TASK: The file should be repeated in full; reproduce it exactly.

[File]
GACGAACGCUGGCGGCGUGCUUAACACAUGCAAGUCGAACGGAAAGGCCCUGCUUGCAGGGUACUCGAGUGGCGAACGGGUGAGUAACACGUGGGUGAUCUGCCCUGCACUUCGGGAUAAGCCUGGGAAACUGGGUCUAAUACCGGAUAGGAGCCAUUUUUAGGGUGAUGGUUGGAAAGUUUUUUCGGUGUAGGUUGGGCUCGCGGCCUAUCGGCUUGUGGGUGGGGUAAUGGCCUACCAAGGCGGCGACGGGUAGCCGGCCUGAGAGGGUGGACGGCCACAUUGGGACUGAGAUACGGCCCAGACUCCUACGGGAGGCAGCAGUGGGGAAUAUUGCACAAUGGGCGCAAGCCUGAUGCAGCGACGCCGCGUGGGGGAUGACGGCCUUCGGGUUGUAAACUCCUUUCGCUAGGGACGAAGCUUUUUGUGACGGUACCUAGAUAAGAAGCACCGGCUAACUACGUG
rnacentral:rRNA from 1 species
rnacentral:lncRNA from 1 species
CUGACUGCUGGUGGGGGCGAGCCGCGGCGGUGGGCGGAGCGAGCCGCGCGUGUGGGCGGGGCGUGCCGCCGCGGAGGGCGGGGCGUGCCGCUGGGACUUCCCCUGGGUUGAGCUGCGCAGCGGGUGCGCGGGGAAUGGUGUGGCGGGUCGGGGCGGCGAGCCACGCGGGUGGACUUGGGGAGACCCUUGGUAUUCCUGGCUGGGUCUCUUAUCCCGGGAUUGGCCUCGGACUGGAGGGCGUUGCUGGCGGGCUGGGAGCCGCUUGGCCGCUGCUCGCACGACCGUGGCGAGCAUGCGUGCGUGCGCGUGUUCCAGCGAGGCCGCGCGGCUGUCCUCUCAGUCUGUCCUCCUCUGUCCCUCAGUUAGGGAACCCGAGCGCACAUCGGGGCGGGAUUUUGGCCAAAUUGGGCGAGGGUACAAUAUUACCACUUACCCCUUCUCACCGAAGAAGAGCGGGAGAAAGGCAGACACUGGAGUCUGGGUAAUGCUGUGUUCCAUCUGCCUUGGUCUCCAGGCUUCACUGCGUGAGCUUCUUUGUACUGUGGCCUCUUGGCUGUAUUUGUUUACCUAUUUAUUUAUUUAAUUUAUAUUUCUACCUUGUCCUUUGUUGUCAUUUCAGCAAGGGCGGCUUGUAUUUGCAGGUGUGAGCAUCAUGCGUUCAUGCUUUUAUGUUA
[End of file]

GACGAACGCUGGCGGCGUGCUUAACACAUGCAAGUCGAACGGAAAGGCCCUGCUUGCAGGGUACUCGAGUGGCGAACGGGUGAGUAACACGUGGGUGAUCUGCCCUGCACUUCGGGAUAAGCCUGGGAAACUGGGUCUAAUACCGGAUAGGAGCCAUUUUUAGGGUGAUGGUUGGAAAGUUUUUUCGGUGUAGGUUGGGCUCGCGGCCUAUCGGCUUGUGGGUGGGGUAAUGGCCUACCAAGGCGGCGACGGGUAGCCGGCCUGAGAGGGUGGACGGCCACAUUGGGACUGAGAUACGGCCCAGACUCCUACGGGAGGCAGCAGUGGGGAAUAUUGCACAAUGGGCGCAAGCCUGAUGCAGCGACGCCGCGUGGGGGAUGACGGCCUUCGGGUUGUAAACUCCUUUCGCUAGGGACGAAGCUUUUUGUGACGGUACCUAGAUAAGAAGCACCGGCUAACUACGUG
rnacentral:rRNA from 1 species
rnacentral:lncRNA from 1 species
CUGACUGCUGGUGGGGGCGAGCCGCGGCGGUGGGCGGAGCGAGCCGCGCGUGUGGGCGGGGCGUGCCGCCGCGGAGGGCGGGGCGUGCCGCUGGGACUUCCCCUGGGUUGAGCUGCGCAGCGGGUGCGCGGGGAAUGGUGUGGCGGGUCGGGGCGGCGAGCCACGCGGGUGGACUUGGGGAGACCCUUGGUAUUCCUGGCUGGGUCUCUUAUCCCGGGAUUGGCCUCGGACUGGAGGGCGUUGCUGGCGGGCUGGGAGCCGCUUGGCCGCUGCUCGCACGACCGUGGCGAGCAUGCGUGCGUGCGCGUGUUCCAGCGAGGCCGCGCGGCUGUCCUCUCAGUCUGUCCUCCUCUGUCCCUCAGUUAGGGAACCCGAGCGCACAUCGGGGCGGGAUUUUGGCCAAAUUGGGCGAGGGUACAAUAUUACCACUUACCCCUUCUCACCGAAGAAGAGCGGGAGAAAGGCAGACACUGGAGUCUGGGUAAUGCUGUGUUCCAUCUGCCUUGGUCUCCAGGCUUCACUGCGUGAGCUUCUUUGUACUGUGGCCUCUUGGCUGUAUUUGUUUACCUAUUUAUUUAUUUAAUUUAUAUUUCUACCUUGUCCUUUGUUGUCAUUUCAGCAAGGGCGGCUUGUAUUUGCAGGUGUGAGCAUCAUGCGUUCAUGCUUUUAUGUUA